- Some regularly consumed foods, compounds, or other medications can hinder the body’s ability to absorb orally ingested iron (e.g. caffeine, fibre, calcium, and antibiotics commonly used to treat skin conditions, such as doxycycline).
- Vitamin C deficiency (vitamin C helps with iron absorption).
- Inflammation that’s present elsewhere in the body.
- Gut disorders, such as coeliac disease.
- Blood loss elsewhere in the body, including ulcers, parasites, or bowel lesions.
- Bone marrow disease.
Here’s a great infographic on how to best meet your recommended daily dietary iron needs.
We easily diagnose iron deficiency and IDA through blood tests undertaken at your local blood collector.
Doctors may infrequently suggest an iron infusion for the following reasons:
- Renal (kidney) impairment.
- Inflammatory bowel disorders, including inflammatory bowel disease.
- Heart failure.
- When you need to rapidly boost your body’s iron stores, such as in preparation for major surgery where blood loss is expected, and you want to limit the need for a blood transfusion.
Who’s Unlikely to Benefit?
It’s not uncommon for patients to request an iron infusion because they’re always tired or exhausted.
Most of the time, we find reasons other than low iron levels or IDA causing fatigue. A simple blood test can eliminate iron deficiency as a culprit while allowing us to look for other causes.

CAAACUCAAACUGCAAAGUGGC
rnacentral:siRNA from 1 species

If you’re not iron deficient, having extra iron won’t make you feel more energetic.
Are Iron Infusions Safe During Pregnancy?
Though iron infusions are generally considered safe in the second and third trimesters of pregnancy, we don’t offer mums-to-be infusions at the clinic.
We like to err on the side of caution.
How We Do In-Clinic Iron Infusions: Safe, Effective & Stress-Free
With outstanding service central to patient care, we’ll ensure you have all the information you need before your iron infusion.
We use the highly reputable Ferinject® (ferric carboxymaltose) intravenous iron replacement treatment. It’s safe and effective.
You can rest easy knowing we’ll use an intravenous cannula (aka catheter) to administer your iron infusion.
This method minimises the risks of extravasation, where some liquid leaks under the skin near the injection site, resulting in an unsightly stain (tattooing).
Steps to Getting an Iron Infusion
At your first appointment, we’ll discuss your symptoms together, and I’ll answer your questions about boosting iron levels.